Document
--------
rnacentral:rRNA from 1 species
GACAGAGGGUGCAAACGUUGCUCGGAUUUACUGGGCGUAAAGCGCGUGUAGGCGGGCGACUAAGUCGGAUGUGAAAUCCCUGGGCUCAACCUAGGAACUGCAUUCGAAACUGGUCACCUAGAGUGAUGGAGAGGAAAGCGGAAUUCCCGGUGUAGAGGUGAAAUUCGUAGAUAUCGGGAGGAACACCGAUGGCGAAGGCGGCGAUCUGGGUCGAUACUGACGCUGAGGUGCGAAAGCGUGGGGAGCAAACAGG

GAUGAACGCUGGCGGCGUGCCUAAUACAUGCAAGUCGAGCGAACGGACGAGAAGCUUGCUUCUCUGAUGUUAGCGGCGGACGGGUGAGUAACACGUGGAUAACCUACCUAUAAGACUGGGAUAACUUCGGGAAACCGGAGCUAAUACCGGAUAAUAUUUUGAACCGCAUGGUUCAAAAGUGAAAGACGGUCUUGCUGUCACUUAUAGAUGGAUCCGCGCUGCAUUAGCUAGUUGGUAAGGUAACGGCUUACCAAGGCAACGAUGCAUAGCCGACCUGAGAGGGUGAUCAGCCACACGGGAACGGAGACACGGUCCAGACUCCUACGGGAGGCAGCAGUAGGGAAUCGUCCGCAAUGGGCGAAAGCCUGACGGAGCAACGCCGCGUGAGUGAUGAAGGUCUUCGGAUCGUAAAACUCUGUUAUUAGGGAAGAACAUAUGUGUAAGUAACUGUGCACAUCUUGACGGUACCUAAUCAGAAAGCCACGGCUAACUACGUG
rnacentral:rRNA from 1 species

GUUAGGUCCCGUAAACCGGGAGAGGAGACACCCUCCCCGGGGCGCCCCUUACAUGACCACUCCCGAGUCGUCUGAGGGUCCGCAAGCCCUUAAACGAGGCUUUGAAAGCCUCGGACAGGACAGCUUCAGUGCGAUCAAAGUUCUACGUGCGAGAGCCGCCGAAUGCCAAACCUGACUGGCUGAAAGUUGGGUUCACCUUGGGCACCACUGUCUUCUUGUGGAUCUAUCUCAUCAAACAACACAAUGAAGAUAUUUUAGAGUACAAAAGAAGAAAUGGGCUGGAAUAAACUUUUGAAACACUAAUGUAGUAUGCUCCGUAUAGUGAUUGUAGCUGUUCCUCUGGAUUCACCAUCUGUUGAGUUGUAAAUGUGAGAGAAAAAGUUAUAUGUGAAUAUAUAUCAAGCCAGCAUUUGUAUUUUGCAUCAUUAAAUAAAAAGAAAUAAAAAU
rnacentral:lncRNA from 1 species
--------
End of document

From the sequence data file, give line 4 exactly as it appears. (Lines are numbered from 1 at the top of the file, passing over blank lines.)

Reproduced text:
rnacentral:rRNA from 1 species